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An Introduction to Marxist Economic Theory by Ernest Mandel

An Introduction to Marxist Economic Theory by Ernest Mandel


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Published by Seeing Red Radio
An Introduction to Marxist Economic Theory by Ernest Mandel
An Introduction to Marxist Economic Theory by Ernest Mandel

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Published by: Seeing Red Radio on Aug 21, 2009
Copyright:Public Domain


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The concentration of capital is another permanent law of capitalist society
and is accompanied by the proletarianisation of a part of the bourgeois class,
the expropriation of a certain number of bourgeois by a smaller number of
bourgeois. That is why the Communist Manifesto of Marx and Engels emphasises
the fact that capitalism, which claims to defend private property, is in reality
a destroyer of this private property, and carries out a constant, permanent
expropriation of a great number of proprietors by a relatively small number of
proprietors. There are several industrial branches in which this concentration
is particularly striking: coal mining had hundreds of companies during the
19th century in a country like France (there were almost 200 in Belgium); the

automobile industry had 100 or more frms at the beginning of the century in

countries like the United States and England, whereas today their number has

been reduced to four, fve or six such companies at most.

Of course, there are industries where this concentration has not been carried
so far, such as the textile industry, the food industry, etc. In general, the greater
the organic composition of capital in an industrial branch, the greater is the
concentration of capital, and conversely, the smaller the organic composition
of capital, the smaller is the concentration of capital. Why? Because the smaller
the organic composition of capital, the less capital is required at the beginning
in order to enter this branch and establish a new venture. It is far easier to put
together the million or two million dollars necessary for building a new textile
plant than to assemble the hundreds of millions needed to set up even relatively
small steel works.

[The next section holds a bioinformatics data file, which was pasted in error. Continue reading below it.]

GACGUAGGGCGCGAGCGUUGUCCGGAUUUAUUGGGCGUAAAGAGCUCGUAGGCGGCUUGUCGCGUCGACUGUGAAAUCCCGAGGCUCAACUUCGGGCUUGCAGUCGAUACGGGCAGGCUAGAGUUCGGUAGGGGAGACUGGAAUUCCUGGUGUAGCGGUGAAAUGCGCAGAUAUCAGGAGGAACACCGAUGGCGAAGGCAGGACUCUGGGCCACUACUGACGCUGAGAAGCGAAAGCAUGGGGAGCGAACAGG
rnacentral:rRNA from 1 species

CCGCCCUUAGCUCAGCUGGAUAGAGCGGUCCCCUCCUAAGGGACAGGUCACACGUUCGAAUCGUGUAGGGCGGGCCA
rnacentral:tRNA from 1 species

Capitalism was born of free competition and is inconceivable without
competition. But free competition produces concentration and concentration
produces the opposite of free competition, namely, monopoly. Where there
are few producers, they can readily reach agreements, at the expense of the
consumers, in dividing up markets and preventing any lowering of prices.
So in the span of a century, the whole capitalist dynamic appears to have
changed its nature. First we have a movement proceeding in the direction of a
constant fall in prices because of a constant rise in production and a constant
multiplication of the number of enterprises. At a certain point, the sharpening
of competition brings with it a concentration of enterprises and a reduction in
the number of enterprises. The remaining companies are now able to reach
agreement on preventing further price reductions and such agreement can only
be honoured, of course, by limiting production. The era of monopoly capitalism
thus displaces the era of free competitive capitalism at the beginning of the last
quarter of the 19th century.

Naturally, when we speak of monopoly capitalism, we must not in the least
presume a capitalism which has completely eliminated competition. There is no
such thing. We simply mean a capitalism whose basic behaviour has changed,
that is to say, it no longer strives for a constant lowering of prices by means
of a constant increase in production; it uses the technique of dividing up the
market, of setting up market quotas. But this process winds up in a paradox.
Why do capitalists who began as competitors now turn to concerted action in
order to limit this competition and to limit production as well? The answer is

that it is a method of increasing their profts. They only do so if it brings them
more profts. Limiting production permits increasing prices, bringing greater
profts and consequently increased capital accumulation.

This new capital can no longer be invested in the same branch, since
this would mean an increase in productive capacity, resulting in increased
production, and leading to a lowering of prices. Capitalism has been caught
up in this contradiction commencing with the last quarter of the 19th century.
It then suddenly acquired a quality which only Marx had foreseen and which
was not grasped by economists like Ricardo or Adam Smith; suddenly, the
capitalist mode of production took on a missionary role. It began to spread
throughout the world by means of capital exports, which enabled capitalist
enterprises to be set up in countries or sectors where monopolies had not yet
entrenched themselves.
The consequence of monopoly in certain branches and of the spread of
monopoly capitalism in certain countries is that the capitalist mode of production
has been reproduced in branches still free from monopoly control and in
countries which had not yet become capitalist. This is how colonialism in all
its varieties managed, toward the beginning of the 20th century to spread like a
powder train in the course of a few decades, starting from the small part of the
world to which the capitalist mode of production was limited, and eventually
embracing the whole world. Every country on the map was thus transformed

into a sphere of infuence and feld of investment for capital.

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